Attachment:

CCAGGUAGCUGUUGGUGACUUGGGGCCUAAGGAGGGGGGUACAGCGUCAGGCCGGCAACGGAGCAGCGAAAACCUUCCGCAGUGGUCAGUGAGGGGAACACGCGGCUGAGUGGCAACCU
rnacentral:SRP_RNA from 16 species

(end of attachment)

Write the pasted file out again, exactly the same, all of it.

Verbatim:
CCAGGUAGCUGUUGGUGACUUGGGGCCUAAGGAGGGGGGUACAGCGUCAGGCCGGCAACGGAGCAGCGAAAACCUUCCGCAGUGGUCAGUGAGGGGAACACGCGGCUGAGUGGCAACCU
rnacentral:SRP_RNA from 16 species